If there has been one big change in two and half years since Prime Minister K P Sharma Oli took office, it is near complete reversal of public faith in him and his government. The expectation that his administration would do better than previous ones has died down completely. The hope that coming days will be better, governance will improve and the Prime Minister will change the way he is governing the country has been shattered.
Ill logic, emotion and sentimentality, name calling of nationalists and mocking of Nepal are back on citizenship debate. This time around too, like a year ago and years before that, a set of some same myths, lies and propaganda are being manufactured and spread as State Affairs and Good Governance Committee of the parliament has proposed seven years’ residency for foreign women married to Nepali citizens as a criteria to obtain Nepali citizenships.
The world, it seems, is obsessed with China. President Trump is raging against China and until recently there was a call from some Western countries for compensation from China for the loss caused by the pandemic outbreak.
The message to be spread is predetermined. Panelists seem to have been invited only to get it reinforced. The host begins by saying China is using Nepal. China is nobody’s friend. China is alone in the world. Nepal has released the new political map on China’s behest. Nepal’s claim on Lipulekh-Kalapani-Limpiyadhura region is groundless. The host shouts out loud, almost shrieks. When Nepali panelists start speaking, the host reiterates the same position. The Nepali panelists are literally given no time to make their points.
Nepal is in rage and resentment against India after Indian Defence Minister Rajnath Singh, on May 8, inaugurated the road linking Dharchula of India with Lipulekh of Nepal. The road had been built without Nepal’s consent.
Until April 20, when the government issued two infamous ordinances to change the existing laws regarding political parties and the constitutional council, before the alleged “abduction” of a lawmaker to break a fringe party apart became public, Prime Minister K P Sharma Oli still had something to fall back on. Because he has had a critical kidney transplant surgery recently, there was some sympathy for him. The Covid-19 pandemic, which is ravaging the world, was overshadowing the issues of government accountability. There was a space for him to rethink the way he is governing.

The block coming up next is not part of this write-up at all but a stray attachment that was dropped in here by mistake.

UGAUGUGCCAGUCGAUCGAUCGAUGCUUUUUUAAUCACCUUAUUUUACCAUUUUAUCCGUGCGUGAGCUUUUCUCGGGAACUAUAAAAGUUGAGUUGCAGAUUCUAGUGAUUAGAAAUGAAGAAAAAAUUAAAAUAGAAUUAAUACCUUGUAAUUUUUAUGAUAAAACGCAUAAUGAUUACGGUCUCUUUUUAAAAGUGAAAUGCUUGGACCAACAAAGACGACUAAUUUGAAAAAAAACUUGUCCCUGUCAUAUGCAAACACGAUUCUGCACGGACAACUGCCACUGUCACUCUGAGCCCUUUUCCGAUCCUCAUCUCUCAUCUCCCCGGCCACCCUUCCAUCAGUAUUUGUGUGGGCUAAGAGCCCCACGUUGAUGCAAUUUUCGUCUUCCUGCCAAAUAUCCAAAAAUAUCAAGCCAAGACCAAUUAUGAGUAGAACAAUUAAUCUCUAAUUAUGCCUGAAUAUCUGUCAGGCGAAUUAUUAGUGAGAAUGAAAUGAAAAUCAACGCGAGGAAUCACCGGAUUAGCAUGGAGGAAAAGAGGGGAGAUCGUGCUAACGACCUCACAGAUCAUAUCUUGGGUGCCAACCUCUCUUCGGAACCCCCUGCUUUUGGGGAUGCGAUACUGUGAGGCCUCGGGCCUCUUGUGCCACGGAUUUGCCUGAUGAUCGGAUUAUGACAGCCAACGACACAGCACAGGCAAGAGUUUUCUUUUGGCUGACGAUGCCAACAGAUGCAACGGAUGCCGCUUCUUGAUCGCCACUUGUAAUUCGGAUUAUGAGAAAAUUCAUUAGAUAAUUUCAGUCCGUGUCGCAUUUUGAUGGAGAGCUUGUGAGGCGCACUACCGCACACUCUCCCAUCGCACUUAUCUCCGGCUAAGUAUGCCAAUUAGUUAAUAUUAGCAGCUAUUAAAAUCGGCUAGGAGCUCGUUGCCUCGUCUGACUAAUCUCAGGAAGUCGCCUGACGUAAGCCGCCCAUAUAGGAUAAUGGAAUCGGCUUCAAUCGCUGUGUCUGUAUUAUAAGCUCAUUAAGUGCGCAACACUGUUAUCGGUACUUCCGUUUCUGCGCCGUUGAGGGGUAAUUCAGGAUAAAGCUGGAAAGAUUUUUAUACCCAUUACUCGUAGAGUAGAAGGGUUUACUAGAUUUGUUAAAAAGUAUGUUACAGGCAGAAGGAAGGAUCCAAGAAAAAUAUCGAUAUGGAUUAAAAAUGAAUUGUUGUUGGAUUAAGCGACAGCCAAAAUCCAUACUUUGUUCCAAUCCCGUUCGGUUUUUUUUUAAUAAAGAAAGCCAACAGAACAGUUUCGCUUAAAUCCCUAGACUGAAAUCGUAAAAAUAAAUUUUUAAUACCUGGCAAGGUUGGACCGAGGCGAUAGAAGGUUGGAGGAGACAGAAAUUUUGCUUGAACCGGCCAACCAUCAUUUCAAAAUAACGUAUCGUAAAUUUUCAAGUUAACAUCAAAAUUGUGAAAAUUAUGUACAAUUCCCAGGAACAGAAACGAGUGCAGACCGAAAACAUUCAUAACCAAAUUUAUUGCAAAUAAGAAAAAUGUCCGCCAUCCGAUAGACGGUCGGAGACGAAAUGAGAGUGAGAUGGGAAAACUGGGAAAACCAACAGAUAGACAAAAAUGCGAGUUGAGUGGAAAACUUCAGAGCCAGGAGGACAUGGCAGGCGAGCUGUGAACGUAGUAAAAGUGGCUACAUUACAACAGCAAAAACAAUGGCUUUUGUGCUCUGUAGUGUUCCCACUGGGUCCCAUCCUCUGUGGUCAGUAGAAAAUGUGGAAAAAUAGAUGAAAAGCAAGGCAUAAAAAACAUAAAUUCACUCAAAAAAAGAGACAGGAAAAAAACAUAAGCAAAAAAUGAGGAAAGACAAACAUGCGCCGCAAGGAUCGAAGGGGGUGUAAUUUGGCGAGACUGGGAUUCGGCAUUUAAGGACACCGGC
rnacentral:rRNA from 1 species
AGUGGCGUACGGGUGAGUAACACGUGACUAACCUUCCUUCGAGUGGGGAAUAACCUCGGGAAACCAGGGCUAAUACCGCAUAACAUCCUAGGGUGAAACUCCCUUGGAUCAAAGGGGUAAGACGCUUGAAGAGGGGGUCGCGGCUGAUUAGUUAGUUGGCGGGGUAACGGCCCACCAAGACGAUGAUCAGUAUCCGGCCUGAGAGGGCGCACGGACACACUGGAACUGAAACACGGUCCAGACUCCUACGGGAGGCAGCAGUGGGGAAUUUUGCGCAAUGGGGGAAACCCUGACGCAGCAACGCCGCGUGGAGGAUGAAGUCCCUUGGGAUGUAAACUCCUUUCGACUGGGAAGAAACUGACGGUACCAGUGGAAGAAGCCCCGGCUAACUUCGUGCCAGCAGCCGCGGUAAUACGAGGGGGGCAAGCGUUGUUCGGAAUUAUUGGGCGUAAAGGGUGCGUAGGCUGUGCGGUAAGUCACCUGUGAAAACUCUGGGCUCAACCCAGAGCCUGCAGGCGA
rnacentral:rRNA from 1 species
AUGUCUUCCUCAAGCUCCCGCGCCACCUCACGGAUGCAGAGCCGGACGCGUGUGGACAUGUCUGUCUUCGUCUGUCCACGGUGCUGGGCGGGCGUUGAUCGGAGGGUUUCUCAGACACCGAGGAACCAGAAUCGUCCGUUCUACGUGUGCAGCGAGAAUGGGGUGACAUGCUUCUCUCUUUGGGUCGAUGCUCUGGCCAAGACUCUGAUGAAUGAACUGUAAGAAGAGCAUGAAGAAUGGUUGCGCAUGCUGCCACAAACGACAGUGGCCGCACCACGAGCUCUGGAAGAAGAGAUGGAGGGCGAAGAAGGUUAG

Every great disaster wrecks humanity to its core but it also makes us aware of our mortality, lays bare our arrogance, prejudice, pride, fear of death and the desire to stand supreme despite the predictable vulnerabilities. This is what has happened since the illness that broke out in early January that has now become the global pandemic.
A statement issued by Chinese embassy in Nepal on February 18 over an article published by The Kathmandu Post sent Nepali media persons and social media population in reaction mode: China has no business telling what a Nepali newspaper can and cannot publish. Chinese embassy has breached the diplomatic decorum. Nepal government should raise this matter with China.
I first met Indian Ambassador to Nepal Manjeev Singh Puri, who is returing to New Delhi next week after serving his term in Nepal for around three years, in May, 2017 in the Indian embassy. The embassy was organizing a ‘familiarization tour to India’ and I was one among the participants.
Kathmandu is fighting a battle with facts and evidence for Kalapani, the land area that actually belongs to Nepal but which India has been claiming, occupying and using as its own for many decades. Without some kind of assurance from New Delhi that what is Nepal’s shall remain Nepal’s, or without some conciliatory approach, Kathmandu and New Delhi look headed toward sour, even fractured, ties, we don’t know for how long.
On the lead up to the Constitution Day and the day itself last week, as cynics on social media were jeering at the government’s appeal to people to mark the day by wearing national flag emblazoned t-shirts, my contemplation was on what the press and intelligentsia would say about the constitution that turned four on September 20, 2019. There were two stark responses: outright ambiguous and dismissive.
Anyone critically following views and opinions peddled by media in Nepal, including social media and major news media, must have sensed this. The information landscape is flooded with half-information and misinformation. Emotion prevails. Reason has taken the backstage. It is easy during such times to lose foresight and context. The costs of decisions made during periods of half-information can be very high and irrevocable.